The National Beef Association (NBA) has criticised claims a drastic reduction in red meat consumption will be vital to reaching the UK’s net zero target before 2050.
The backlash came after a report by the Government-funded research group Energy Systems Catapult (ESC), whose computer models are used by the Committee on Climate Change (CCC), claimed climate targets could not be met without cutting out red meat ‘almost completely’.
The report warned livestock production for dairy and meat would need to be reduced by 50 per cent, an increase from the CCC’s recommendation of 20 per cent, and claimed consumption would also need to follow suit.
It said: “Interactions between diet and the energy system are significant. A transition away from current levels of livestock would free up UK land for other uses, including afforestation and biomass crops, both enabling carbon sequestration and the latter providing a versatile resource for the energy system."
Responding, NBA spokesman Neil Shand slammed the scientific study for ‘underestimating’ the valuable role of livestock in capturing carbon in the soil.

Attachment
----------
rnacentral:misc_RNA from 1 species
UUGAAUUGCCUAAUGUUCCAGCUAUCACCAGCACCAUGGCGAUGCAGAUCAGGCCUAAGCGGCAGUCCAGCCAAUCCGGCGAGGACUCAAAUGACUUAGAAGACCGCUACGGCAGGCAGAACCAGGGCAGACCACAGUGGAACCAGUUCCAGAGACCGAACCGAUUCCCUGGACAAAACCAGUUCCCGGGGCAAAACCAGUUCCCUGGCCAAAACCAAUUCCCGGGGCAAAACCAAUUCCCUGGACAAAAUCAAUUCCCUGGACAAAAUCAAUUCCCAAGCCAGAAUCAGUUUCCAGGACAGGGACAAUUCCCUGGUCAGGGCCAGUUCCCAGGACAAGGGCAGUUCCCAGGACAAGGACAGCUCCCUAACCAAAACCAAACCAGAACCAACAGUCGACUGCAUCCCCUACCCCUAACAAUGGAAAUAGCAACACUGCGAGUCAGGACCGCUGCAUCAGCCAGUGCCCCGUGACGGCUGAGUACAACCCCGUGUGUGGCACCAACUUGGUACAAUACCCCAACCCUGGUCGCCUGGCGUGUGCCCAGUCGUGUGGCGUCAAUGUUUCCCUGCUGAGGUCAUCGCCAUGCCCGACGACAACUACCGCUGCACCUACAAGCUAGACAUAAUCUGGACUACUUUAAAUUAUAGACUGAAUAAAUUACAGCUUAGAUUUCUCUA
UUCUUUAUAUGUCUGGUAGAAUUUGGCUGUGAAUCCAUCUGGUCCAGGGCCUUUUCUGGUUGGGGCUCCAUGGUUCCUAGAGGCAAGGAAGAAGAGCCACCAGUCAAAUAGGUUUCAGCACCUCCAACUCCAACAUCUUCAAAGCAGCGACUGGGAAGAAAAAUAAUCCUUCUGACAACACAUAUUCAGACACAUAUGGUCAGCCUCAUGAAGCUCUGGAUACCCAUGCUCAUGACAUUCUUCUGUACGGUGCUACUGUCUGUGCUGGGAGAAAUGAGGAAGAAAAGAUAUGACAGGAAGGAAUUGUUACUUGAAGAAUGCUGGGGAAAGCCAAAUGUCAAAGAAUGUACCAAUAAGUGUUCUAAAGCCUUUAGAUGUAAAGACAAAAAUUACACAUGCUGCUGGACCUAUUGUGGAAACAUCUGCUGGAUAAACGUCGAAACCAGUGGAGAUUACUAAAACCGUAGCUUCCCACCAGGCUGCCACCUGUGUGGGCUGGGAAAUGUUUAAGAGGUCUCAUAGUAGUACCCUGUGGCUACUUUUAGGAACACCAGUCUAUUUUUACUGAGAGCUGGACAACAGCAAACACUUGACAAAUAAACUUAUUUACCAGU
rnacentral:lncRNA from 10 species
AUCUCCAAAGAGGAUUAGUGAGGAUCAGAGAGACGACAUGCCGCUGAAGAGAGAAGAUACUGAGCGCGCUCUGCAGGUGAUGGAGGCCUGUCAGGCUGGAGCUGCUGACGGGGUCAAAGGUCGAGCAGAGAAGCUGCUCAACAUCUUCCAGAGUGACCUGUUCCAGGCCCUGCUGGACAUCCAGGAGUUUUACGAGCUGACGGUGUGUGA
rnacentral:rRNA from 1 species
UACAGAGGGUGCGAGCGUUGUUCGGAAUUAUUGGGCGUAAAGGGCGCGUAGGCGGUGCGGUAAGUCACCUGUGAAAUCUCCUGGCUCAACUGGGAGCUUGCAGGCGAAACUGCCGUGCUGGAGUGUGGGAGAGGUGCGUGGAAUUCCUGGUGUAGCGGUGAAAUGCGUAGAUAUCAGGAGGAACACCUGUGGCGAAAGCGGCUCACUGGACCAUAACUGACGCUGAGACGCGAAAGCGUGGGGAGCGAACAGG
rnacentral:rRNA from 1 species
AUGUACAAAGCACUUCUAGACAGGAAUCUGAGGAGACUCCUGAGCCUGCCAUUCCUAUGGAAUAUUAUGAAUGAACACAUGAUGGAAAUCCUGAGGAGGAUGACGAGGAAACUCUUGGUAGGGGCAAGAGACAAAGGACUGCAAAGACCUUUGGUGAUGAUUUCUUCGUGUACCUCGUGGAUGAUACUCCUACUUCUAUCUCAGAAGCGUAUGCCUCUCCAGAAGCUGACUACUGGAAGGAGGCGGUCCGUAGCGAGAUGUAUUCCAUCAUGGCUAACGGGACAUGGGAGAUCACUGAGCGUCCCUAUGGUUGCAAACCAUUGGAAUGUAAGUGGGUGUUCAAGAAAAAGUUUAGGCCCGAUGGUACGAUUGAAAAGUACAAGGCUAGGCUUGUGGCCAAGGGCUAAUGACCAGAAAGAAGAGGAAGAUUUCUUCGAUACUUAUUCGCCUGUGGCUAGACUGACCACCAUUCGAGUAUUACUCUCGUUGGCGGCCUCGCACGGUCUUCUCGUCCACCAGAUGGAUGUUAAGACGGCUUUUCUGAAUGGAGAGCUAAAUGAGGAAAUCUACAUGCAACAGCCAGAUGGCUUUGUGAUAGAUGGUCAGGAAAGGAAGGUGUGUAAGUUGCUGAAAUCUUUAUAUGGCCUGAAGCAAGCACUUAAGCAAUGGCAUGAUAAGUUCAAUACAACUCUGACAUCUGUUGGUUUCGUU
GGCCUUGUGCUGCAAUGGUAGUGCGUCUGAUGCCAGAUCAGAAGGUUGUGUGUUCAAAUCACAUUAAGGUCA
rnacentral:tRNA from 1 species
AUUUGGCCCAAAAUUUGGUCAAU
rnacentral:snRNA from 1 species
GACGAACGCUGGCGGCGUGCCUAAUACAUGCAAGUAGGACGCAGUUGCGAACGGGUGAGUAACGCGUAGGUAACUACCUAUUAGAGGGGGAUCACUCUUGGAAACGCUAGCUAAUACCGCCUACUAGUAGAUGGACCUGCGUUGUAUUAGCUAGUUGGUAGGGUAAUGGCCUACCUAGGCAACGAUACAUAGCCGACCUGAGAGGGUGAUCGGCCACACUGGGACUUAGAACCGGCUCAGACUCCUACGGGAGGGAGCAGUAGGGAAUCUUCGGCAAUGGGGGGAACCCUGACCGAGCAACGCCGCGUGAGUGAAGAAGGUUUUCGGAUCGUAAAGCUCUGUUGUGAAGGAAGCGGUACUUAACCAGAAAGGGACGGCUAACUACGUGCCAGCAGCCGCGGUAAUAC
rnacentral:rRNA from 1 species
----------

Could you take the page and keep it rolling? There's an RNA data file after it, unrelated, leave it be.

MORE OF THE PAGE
The report also stressed emissions from aviation and transport would need to be significantly cut and urged the Government to invest in new technology, such as carbon capture, to meet net zero targets.
Mr Shand added: “It does seem rather unfortunate that the report links beef production and aviation in this way.
“The timing is more than a little ironic; the shops are full of people panic-buying and it seems clear the nation’s food sector relies very heavily on imports, and the associated transport which brings them into the UK.”
He also pointed out domestic food production, which uses a system where animal and non-animal foods are ‘symbiotic’, required ‘very little air travel’, saying: “This makes excellent use of the resources our beautiful country provides. Foreign travel does not have the same necessity.”